“On names, identity, and personal mythology” by Lianna Schreiber

  Is it still an identity crisis if what is causing you grief is a fractal self which exists only in another person’s mind? I am hyper-aware of myself at all times, and whether or not this roots in being a woman is a discussion best left for another time and thought piece, but the fact of it stands — I curate my behavior to the best of my ability whenever I am in public spaces, even if they are just everyday internet hang-outs. I treat each word as if it were a museum piece, analyzing its possible implications so … Continue reading “On names, identity, and personal mythology” by Lianna Schreiber

Meaning-making in Literature and Life: an Introduction to Existentialism by Elizabeth Ruth Deyro

In literature, it is the reader who gives meaning to a text. The process of creating this meaning is in the dialogue between the reader and the text itself. Giving it meaning is their way of understanding it. We should recognize that the text, once birthed, becomes a separate entity apart from its writer, much like a newborn from their mother. The writer’s significance should remain unquestioned, as it is they who has created the text, but they do not hold the power to set a standard meaning for their work. The text speaks for itself; it is no longer … Continue reading Meaning-making in Literature and Life: an Introduction to Existentialism by Elizabeth Ruth Deyro

Advertisement by Paul Michael Whitfield

Front Album Cover of Corrupted’s 1995 Nadie 1. Beginning one of his many books, 19th-century Danish philosopher Søren Kierkegaard writes a preface. In the book I have in mind this is followed by another and that by yet another. This book of Kierkegaard’s is a book of them. A book of beginnings of books. i live in san francisco. I read. I write. I listen to Corrupted and the Melvins. My aesthetic is the literary and the λόγος, and the zeitgeist of the longue durée–the auld lang syne. This aesthetic is the love of Des Esseintes and jewel-encrusted, murdered tortoises. … Continue reading Advertisement by Paul Michael Whitfield

The Waiting Room by Wes Bishop

God waited for the end of the universe. God had begun existence lonely, and God would end it the same way. Scanning the universe once more, God was not surprised to find no sentient being left to talk with. At this late hour in the universe, everything had shrunk down to the size of a galaxy. Within the next few moments the entire universe would violently contract once more, this time to the size of a large solar system. God tried once again to spread its awareness beyond the great mass collected on the horizon but could not. God had … Continue reading The Waiting Room by Wes Bishop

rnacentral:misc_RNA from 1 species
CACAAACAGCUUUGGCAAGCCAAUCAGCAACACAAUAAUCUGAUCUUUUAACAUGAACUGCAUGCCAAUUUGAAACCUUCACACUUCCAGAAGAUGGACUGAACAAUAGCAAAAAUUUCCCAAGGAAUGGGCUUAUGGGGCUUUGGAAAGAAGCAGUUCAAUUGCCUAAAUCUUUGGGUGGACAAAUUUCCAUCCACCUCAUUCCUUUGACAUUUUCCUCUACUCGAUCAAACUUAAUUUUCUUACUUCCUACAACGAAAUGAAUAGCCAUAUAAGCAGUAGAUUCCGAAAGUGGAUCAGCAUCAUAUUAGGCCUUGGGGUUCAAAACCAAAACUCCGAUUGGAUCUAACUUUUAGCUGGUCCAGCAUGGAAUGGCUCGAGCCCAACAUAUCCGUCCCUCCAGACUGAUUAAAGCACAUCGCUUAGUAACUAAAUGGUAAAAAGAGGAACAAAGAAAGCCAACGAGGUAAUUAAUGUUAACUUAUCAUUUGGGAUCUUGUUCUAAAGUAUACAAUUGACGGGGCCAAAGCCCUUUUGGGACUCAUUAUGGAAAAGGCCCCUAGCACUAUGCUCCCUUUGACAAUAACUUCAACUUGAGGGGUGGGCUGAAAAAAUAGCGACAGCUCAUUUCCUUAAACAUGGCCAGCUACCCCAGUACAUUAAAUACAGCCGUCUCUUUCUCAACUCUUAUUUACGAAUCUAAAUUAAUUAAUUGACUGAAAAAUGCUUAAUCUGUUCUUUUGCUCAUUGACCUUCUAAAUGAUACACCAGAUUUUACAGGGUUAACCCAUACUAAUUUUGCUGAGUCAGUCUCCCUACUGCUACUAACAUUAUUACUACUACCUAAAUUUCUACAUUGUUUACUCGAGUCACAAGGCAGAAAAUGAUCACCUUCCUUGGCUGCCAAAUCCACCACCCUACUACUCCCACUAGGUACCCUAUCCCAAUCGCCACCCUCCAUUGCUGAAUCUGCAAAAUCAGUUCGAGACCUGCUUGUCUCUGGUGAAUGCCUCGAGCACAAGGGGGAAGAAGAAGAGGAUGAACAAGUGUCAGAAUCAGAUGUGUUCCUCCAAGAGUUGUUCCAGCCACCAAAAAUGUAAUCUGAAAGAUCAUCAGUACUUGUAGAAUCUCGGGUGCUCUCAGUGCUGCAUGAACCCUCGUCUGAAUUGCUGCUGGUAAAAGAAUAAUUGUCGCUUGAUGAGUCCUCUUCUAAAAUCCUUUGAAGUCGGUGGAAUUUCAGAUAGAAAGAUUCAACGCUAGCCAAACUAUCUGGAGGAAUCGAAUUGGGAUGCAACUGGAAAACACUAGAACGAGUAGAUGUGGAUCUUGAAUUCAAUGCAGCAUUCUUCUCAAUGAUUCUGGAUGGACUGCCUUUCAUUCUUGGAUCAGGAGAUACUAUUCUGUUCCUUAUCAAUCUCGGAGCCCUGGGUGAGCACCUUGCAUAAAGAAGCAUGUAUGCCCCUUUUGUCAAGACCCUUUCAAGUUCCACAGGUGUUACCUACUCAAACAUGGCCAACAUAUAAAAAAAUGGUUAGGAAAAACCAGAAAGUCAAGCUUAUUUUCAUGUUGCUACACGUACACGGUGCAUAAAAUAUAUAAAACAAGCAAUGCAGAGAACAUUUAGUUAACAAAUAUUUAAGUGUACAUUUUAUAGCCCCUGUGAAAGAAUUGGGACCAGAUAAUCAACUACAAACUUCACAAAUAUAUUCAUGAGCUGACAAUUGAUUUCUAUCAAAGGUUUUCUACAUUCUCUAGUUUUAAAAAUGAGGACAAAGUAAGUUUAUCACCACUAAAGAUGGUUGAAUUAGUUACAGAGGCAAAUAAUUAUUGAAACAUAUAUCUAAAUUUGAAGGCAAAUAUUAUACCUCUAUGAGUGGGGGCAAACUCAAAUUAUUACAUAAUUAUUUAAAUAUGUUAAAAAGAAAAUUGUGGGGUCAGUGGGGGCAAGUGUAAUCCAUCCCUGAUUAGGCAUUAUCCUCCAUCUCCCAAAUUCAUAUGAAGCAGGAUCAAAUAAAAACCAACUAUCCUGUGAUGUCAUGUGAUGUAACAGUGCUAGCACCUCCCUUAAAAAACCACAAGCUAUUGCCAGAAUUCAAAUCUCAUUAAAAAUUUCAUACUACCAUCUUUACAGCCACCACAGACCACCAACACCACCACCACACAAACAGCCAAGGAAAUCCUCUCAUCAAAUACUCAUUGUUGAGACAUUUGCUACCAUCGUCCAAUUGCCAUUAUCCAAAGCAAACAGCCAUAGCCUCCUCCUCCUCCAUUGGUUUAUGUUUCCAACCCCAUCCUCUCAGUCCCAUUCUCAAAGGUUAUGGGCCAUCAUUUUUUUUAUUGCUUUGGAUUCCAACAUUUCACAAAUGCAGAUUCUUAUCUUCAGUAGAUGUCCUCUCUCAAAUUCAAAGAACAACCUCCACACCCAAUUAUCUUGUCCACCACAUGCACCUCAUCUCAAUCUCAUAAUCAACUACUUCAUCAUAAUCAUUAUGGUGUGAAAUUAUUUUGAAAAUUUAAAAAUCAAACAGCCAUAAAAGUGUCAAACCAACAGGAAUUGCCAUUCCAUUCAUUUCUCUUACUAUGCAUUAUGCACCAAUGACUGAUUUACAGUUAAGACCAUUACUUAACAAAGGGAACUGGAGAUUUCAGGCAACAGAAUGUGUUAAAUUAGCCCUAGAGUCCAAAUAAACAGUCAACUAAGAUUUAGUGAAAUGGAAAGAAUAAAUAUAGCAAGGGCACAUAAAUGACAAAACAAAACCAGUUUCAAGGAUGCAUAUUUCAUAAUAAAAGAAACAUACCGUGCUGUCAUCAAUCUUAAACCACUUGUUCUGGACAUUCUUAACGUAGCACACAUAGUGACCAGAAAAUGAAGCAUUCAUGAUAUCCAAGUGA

Braving the Days: It is of No Consequence by Jordannah Elizabeth

I’m sitting in Boston, holding my palms to my chest. I pitched this column to be of the existential persuasion, which brings a slight bit of pressure for me to insinuate something deep – every month. I tried to write this piece a couple of weeks ago, referring back to the debut essay, “Braving the days: using a few words devoid of superfluity” to pick up where I left off. Unfortunately, I realized that I cannot deliver what I promised: to follow up that essay by writing on the topic of “Giving people a loophole to demoralize you.”  I realized … Continue reading Braving the Days: It is of No Consequence by Jordannah Elizabeth

When chance is a cable bill by Keysha Whitaker

In all the decades I’ve been getting a cable bill, I never read it. If I bothered to open it, I just glanced at the Total Amount Due and shredded it  – after 18 weeks in the junk paper pile. When I started getting electronic bills and went on auto-debit, I didn’t even bother to open the emails. Today, the start of my second month in a new apartment, I receive a bill in the mail since I hadn’t yet signed up for e-bills. I open the letter and thumb through the pages. Package lineups. Old charges. New charges. Terms … Continue reading When chance is a cable bill by Keysha Whitaker